As a participant in Cutting Edge Capital’s DPO Boot Camp, Demetri will receive all of the information, materials, and support necessary to design and seek regulatory approval for a public offering of securities in Colorado. The offering will be open to both accredited and unaccredited investors. Through the DPO Boot Camp, clients receive the same benefits of working with us individually, but in a supportive group format of like-minded entrepreneurs.

With My Trail Company’s DPO fast approaching, preparations are running full tilt at the company’s headquarters in Boulder, home to a large population of dedicated outdoor enthusiasts. When the DPO launches, the company plans a marketing and outreach campaign to get the word out to the local community. Demetri is fond of saying “the fishing is best right where you are” and anticipates considerable interest in the offering.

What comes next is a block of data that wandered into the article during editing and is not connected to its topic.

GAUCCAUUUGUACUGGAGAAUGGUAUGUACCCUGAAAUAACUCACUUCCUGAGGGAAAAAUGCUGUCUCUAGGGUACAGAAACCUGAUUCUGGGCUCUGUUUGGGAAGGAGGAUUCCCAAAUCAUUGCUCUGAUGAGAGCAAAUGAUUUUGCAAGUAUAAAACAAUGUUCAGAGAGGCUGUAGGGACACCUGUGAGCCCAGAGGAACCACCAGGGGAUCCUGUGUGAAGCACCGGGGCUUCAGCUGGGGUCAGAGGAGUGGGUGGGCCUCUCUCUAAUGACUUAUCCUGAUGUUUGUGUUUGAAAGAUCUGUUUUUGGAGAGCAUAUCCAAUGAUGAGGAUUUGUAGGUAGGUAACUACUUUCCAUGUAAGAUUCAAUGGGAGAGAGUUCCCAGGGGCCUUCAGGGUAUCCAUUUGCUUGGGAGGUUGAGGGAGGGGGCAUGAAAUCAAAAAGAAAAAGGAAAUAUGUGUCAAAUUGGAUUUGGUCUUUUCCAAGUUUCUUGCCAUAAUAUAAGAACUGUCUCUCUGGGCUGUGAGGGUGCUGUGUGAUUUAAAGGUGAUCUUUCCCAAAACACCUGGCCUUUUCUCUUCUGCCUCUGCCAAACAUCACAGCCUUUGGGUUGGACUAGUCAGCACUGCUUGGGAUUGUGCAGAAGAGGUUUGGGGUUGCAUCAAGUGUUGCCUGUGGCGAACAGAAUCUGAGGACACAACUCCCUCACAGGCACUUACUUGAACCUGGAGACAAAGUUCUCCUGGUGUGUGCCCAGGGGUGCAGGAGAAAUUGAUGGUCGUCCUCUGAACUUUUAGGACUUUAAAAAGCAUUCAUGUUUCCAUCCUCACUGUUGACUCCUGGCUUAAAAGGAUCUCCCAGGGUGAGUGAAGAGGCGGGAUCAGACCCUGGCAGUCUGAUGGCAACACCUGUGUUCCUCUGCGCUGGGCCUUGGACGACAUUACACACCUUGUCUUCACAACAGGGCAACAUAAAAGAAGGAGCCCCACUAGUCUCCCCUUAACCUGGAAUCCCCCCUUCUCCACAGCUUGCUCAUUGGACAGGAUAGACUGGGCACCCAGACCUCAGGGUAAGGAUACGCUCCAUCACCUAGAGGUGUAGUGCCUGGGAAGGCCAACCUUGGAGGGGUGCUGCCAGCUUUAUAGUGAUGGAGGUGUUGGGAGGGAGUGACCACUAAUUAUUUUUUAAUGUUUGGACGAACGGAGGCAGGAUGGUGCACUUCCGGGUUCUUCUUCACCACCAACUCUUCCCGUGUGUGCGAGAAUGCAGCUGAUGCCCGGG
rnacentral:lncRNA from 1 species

From our vantage point at Cutting Edge Capital, we couldn’t agree more. Raising “community capital” can be a powerful way to start or grow your values-driven business.

Cutting Edge Capital’s next boot camp begins on April 23rd. Learn more about the program here.

Story of a Repentant Angel

Mike Michalowicz, author of the book Profit First, sold his multimillion-dollar computer forensic investigations business to a Fortune 500 firm. He then decided to become an angel investor. Here is what happened next:

I decided that investing in a dozen brand-new start-ups was the best way to use my windfall. After all, it was only a matter of time before my entrepreneurial genius rubbed off on these promising companies. . .

Then, I started writing checks—five thousand to one person, ten thousand to another, every month more checks, and still more . . . There was never enough revenue to cover the ever- increasing mountain of bills.

Because of my massive ego, I didn’t allow the good people who started these businesses to become true entrepreneurs. They were just my pawns. I ignored the signs and kept funneling money into my investments, sure that King Midas would be able to turn it all around.